UIW Grad Making a Difference for those Escaping War-Torn Ukraine

August 15, 2022

By Michael Valdes

Iryna Aniushkevich “This experience changed my life the moment I got off the plane. The mission was in Poland where I could medically assist displaced Ukrainian citizens running away from violence, destruction, and hostile environments caused by the war.”

As her classmates enjoyed a day of celebration with family and friends, Iryna Aniushkevich missed her graduation day from the UIW Feik School of Pharmacy in May 2022. That’s because, the day before graduation, Aniushkevich was already on a plane starting to fulfill the lessons she says she has learned at UIW. The 32-year-old Doctor of Pharmacy graduate was part of a mission program sponsored by a nonprofit called International Medical Relief. The group was sent to Poland where the vast majority of refugees from the Ukrainian war with Russia have sought relief.

“The shelter guests were coming from Ukraine’s heavily affected areas with all the belongings they could carry,” says Aniushkevich. “Their journey to Poland was difficult and unsafe, with many involved in long hiding in underground shelters and basements. The Ukrainians staying at the shelter were in a state of psychological distress and anxiety. Some left family members behind. Some with deceased family members or friends. All without a concrete plan for where to go and what to do.”

For Aniushkevich, the trip to Poland was a bit of a homecoming. She immigrated to the United States more than ten years ago from her home country of Belarus and had not been back to the region in years. Still, she found that her upbringing would pay huge dividends for those in need.

“I was able to play multiple roles: the pharmacist, the translator and the therapist as it was naturally easy connecting to people with an alike mentality,” says Aniushkevich. “Much medical help was needed, but often people were shy to come to the clinic even being symptomatic. Many patients required persuasive conversation or a walk alongside. I was inspired to collaborate with the medical team driven by the same humanitarian purpose.”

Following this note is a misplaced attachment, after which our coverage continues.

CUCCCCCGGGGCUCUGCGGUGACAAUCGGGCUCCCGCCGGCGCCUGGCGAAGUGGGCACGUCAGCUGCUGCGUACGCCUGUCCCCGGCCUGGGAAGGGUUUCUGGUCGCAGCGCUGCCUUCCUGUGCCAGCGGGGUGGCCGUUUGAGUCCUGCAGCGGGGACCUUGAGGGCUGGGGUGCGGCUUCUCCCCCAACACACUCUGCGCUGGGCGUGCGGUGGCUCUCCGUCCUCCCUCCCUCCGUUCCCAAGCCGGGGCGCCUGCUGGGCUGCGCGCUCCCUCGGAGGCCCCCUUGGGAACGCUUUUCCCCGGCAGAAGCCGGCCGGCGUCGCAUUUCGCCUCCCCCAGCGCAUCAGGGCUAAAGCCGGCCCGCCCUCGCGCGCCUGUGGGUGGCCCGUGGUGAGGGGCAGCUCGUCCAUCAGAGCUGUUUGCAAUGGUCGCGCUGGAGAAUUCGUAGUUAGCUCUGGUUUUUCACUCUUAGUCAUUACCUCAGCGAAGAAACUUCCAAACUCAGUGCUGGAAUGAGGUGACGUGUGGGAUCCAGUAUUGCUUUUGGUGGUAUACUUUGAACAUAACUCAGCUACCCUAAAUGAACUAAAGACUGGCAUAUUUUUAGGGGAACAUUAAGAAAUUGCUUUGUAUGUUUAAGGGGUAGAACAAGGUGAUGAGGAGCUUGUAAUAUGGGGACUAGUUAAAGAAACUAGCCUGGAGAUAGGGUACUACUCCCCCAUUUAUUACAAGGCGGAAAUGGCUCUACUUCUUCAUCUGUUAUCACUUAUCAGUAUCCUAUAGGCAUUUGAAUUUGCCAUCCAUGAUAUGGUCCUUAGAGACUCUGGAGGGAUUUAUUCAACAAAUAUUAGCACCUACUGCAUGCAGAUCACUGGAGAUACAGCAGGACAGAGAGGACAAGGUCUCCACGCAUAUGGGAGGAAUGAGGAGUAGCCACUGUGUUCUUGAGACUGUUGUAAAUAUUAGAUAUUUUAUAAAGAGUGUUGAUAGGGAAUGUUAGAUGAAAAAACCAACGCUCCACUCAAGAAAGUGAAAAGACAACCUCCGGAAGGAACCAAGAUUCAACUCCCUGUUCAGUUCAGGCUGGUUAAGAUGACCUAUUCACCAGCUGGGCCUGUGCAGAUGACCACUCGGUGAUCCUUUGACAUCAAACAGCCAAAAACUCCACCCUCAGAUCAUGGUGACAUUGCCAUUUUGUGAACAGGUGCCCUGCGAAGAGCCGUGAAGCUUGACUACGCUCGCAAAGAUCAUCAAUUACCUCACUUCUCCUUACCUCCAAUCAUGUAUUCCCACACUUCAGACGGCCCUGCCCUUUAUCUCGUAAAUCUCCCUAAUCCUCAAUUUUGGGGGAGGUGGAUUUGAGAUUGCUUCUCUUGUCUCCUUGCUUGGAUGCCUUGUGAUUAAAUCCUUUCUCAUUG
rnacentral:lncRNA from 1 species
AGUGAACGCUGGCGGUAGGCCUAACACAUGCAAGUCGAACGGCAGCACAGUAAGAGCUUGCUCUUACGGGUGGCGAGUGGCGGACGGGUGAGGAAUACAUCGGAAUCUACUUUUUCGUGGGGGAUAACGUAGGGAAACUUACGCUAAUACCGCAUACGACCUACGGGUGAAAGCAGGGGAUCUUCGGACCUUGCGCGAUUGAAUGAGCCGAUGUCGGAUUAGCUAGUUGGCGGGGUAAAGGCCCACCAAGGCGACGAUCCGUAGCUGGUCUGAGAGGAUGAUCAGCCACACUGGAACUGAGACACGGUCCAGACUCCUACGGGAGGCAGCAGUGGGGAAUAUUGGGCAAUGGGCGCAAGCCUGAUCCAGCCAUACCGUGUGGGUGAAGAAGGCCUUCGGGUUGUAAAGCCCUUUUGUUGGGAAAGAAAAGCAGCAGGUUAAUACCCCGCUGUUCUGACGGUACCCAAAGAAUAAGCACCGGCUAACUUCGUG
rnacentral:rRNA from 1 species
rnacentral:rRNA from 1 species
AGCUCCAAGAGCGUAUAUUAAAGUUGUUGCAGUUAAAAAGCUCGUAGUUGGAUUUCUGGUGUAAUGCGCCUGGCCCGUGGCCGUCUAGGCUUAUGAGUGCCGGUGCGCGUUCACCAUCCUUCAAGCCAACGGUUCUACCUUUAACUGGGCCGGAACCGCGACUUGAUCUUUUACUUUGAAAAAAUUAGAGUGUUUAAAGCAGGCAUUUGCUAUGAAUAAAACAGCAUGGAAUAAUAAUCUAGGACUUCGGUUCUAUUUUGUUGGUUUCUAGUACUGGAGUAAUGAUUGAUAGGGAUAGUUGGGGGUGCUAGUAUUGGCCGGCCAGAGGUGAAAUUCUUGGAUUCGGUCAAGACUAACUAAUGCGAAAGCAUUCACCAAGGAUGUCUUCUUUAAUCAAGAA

The days at the shelter were long for Aniushkevich and her fellow volunteers. She says she worked from seven in the morning to ten at night for almost two weeks. She admits, the stories she heard from the refugees still bother her. Stories of murder, torture and families left desperate looking for asylum. But she says she never feared for her safety and, although the work took its toll, she still found it very rewarding.

“The special interactions with people will remain imprinted forever. Not just for me, but similarly for other American and international volunteers who came on the mission. Despite feeling desperate and helpless, Ukrainians remain true to their homeland and some refuse to immigrate to other countries, establish a new life, and are just waiting for the war to end.” And while the end of the war in Ukraine is very much unclear, Aniushkevich is very clear about her future and her role in the future of her homeland. She hopes to return on another humanitarian trip to Poland.

“Given the continuous massive destruction and the ongoing hostilities in Ukraine, there is no question if I’m coming back, just a question of when,” says Aniushkevich. “Strong commitment and support from the international community are crucial to sustaining this solidarity. I would encourage any American willing to do more for the Ukrainian people not to hesitate to step out of their comfort zone and participate. This trip changes you.”